Clarksville, Tennessee 2013
I had the honor last week of being in Clarksville Tennessee making a presentation of the Civil War 150 Pinhole Project to the Society of Tennessee Archivists.
The Society of Tennessee Archivists have been busy over the last few years collecting artifacts and oral histories from Tennesseans for the State’s Archive on the Civil War Sesquicentennial.
The Civil War 150 Pinhole Project and Society of Tennessee Archivists collided, so to speak, at Shiloh, Tennessee in 2012. I happen to meet archivists Lori Lockhart and Carol Roberts on the battlefield while working on the project and we quickly realized that we had similar goals.
The Society of Tennessee Archivists and archivists in general are interested in and practiced in the collection, archiving and storing of historical artifacts for future generations. My approach and the project’s collection of pinhole battlefield photographs, following the timeline of the sesquicentennial, piqued their interest.
Arriving in Clarksville prepared with a presentation and slide show of pinhole images for STA’s annual conference, I utilized my free time exploring Clarksville and middle Tennessee’s 19th century landscape with the pinhole cameras.
Clarksville and the Civil War
The State of Tennessee played an enormous role in the American Civil War. The state hosted more battles during the war then any other aside from Virginia. From the banks of the Mississippi at Memphis to Knoxville in the east evidence of the War can be found throughout the State.
Clarksville in the 1860’s was a vital communications and transportation center for the Confederacy. Situated at the confluence of the Cumberland and Red Rivers, Clarksville was a major producer of tobacco and agricultural goods but became an important source of iron, it’s local foundries producing cannon, artillery shells and musket balls for the Confederate army in the early days of the war. In the 1860s the Memphis, Clarksville and Louisville Railroad served the City; its old wood trestles still span the City’s waterways today.
Clarksville’s location at the confluence of the Cumberland and Red Rivers made it a strategic point during the war. The Confederates in preparing for the City’s defense constructed Fort Sevier, now called Fort Defiance, on a hill that commands the two rivers. Today the earthen walls of it’s fortifications are still plainly visible and is the site of Clarksville’s Civil War Interpretive Center at Fort Defiance.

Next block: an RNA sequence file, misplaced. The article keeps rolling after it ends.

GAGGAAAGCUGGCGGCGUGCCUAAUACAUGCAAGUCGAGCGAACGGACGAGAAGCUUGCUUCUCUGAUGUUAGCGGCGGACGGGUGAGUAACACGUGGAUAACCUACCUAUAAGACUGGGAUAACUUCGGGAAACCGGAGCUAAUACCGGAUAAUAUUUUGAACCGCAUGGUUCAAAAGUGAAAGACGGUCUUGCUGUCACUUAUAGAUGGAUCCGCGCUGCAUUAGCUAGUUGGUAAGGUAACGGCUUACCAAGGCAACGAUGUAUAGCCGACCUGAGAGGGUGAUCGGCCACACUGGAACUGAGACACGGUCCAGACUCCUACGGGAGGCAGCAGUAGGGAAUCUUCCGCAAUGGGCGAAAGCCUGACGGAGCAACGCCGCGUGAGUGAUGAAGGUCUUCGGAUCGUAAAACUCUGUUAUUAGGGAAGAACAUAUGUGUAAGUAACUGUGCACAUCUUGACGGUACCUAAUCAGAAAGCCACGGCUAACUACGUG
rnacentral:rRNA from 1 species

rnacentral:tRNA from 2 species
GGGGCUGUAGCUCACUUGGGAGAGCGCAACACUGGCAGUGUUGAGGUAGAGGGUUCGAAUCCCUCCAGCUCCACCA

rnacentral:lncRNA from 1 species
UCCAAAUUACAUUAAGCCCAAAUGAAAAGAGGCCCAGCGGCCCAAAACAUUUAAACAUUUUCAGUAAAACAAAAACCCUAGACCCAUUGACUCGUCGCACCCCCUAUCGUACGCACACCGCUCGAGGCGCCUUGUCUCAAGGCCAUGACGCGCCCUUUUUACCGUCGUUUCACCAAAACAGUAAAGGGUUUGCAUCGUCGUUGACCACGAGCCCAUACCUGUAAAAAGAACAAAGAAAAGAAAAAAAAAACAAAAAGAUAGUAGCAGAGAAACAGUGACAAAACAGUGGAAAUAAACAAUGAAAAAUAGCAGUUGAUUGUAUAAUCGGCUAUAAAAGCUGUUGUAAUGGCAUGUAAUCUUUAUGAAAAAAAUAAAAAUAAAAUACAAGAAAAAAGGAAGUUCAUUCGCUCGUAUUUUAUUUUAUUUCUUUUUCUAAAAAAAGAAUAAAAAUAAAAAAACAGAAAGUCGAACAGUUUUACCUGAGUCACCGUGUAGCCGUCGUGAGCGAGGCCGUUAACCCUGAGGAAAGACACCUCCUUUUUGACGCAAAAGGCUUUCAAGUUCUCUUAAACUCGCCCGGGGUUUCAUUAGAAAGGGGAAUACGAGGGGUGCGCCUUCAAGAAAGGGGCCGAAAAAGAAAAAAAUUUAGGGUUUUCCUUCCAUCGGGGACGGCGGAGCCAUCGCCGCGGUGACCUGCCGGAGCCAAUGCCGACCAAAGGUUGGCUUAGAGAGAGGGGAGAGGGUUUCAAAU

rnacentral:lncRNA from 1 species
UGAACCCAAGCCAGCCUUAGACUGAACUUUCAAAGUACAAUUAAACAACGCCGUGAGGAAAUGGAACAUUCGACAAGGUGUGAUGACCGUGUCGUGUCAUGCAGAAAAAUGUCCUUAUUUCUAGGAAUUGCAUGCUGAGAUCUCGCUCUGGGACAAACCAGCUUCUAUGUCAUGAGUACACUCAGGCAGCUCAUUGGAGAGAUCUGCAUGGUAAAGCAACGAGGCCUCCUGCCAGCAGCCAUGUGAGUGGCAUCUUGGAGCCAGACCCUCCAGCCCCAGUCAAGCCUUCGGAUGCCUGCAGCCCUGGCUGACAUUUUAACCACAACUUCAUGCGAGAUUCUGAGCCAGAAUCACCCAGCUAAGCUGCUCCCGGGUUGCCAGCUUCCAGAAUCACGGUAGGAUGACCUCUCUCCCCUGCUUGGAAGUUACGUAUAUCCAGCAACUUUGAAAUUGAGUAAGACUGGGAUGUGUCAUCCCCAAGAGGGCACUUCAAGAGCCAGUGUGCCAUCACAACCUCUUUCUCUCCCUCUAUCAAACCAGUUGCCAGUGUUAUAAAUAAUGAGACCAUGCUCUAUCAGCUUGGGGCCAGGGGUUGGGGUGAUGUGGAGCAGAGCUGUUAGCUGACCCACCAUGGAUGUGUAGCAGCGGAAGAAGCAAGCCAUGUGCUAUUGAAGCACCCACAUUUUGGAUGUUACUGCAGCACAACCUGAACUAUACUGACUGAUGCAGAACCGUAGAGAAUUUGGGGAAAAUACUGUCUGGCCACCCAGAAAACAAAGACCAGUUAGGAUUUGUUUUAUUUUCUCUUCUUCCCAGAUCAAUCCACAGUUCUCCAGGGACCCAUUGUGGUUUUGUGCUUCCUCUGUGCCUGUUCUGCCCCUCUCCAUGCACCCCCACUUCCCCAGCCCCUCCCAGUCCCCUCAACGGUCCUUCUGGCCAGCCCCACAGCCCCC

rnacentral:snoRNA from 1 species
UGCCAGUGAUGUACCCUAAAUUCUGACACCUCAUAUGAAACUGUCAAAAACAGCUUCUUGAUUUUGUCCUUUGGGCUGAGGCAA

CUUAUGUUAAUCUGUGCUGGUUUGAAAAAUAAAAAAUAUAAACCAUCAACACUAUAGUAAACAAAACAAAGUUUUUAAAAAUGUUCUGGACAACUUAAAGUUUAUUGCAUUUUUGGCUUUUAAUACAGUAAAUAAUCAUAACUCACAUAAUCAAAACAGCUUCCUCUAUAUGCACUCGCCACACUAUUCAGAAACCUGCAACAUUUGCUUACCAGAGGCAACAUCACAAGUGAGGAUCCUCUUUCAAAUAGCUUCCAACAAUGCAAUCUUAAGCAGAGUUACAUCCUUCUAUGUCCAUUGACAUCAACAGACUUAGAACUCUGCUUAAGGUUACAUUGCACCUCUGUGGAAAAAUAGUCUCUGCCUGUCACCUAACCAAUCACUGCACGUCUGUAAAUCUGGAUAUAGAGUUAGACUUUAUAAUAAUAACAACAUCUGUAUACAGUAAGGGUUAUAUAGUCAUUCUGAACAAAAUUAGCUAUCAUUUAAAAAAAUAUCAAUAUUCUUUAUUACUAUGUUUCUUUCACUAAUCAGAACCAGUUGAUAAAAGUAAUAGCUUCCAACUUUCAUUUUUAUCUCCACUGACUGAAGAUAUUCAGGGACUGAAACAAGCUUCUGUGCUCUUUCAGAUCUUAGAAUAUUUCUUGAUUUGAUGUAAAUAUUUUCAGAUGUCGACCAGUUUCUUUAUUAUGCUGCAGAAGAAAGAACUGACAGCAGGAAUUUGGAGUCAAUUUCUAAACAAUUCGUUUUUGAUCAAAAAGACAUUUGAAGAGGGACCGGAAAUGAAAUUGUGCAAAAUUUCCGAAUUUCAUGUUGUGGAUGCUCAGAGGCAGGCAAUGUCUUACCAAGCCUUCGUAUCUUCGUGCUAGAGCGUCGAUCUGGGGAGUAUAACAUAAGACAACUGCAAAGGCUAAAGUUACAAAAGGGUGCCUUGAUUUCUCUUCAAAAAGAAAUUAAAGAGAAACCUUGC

Union gunboats and ironclads filled these rivers in 1862 capturing the fort and occupied Clarksville throughout the rest of the war. After the issuance of the Emancipation Proclamation in January 1863, Clarksville became a Federal recruitment center for the induction of free blacks and former slaves into the Union army.
Stones River Battlefield
I also had a chance, thanks to the Government Reopening!, to see the Battlefield at Stones River just south of Nashville in Murfreesboro, Tennessee. The Battle at Stones River or Murfreesboro, occurred on December 31st 1862 through January 2nd 1863. The three day battle at Stones River was the sixth bloodiest contest in the Civil War with a total of 24,000 casualties. The two western commanders, the Union’s William Rosecrans and the Confederacy’s Braxton Bragg, slugged it out here in Murfreesboro, a prelude to their fateful and more decisive meeting at Chickamauga, GA in September 1863.
The Battlefield at Stones River is wet and swampy with a collection of open fields and cedar forests dotted with distinctive limestone outcroppings.
A section of the forest here was dubbed, “The Slaughter Pen” the limestone rocks from which the soldiers fought are plainly visible today.
A foggy morning mist seemed to heighten the somber, quiet feeling of this comparatively small and intimate battlefield.
The Stones River National Cemetery across the street from the Battlefield is a mournful replica of the National Cemeteries found in places like Shiloh and Gettysburg. Thousands of small white markers, worn over time, arrayed in unending rows. A sign along a path laments,
“The muffled drums sad roll has beat the soldiers last tattoo. No more on life’s parade shall meet that brave and fallen few”….
I made a point of thanking the Park Rangers at the Stones River Battlefield for their service and dedication through the recent government shutdown. I said, “Welcome back!” they retorted, “We never left….”
I love the National Park Service.
I would like to thank David Sowell, President of the Society of Tennessee Archivists, for his kind invitation to attend and present my work at their annual conference in Clarksville. Special thanks goes to archivists Lori Lockhart and Carol Roberts who have the designation of being the very first “fans” of the Civil War 150 Pinhole Project. Our fateful meeting at Shiloh led to this unexpected opportunity to travel back to Tennessee and further explore this wonderful state and it’s plethora of civil war history.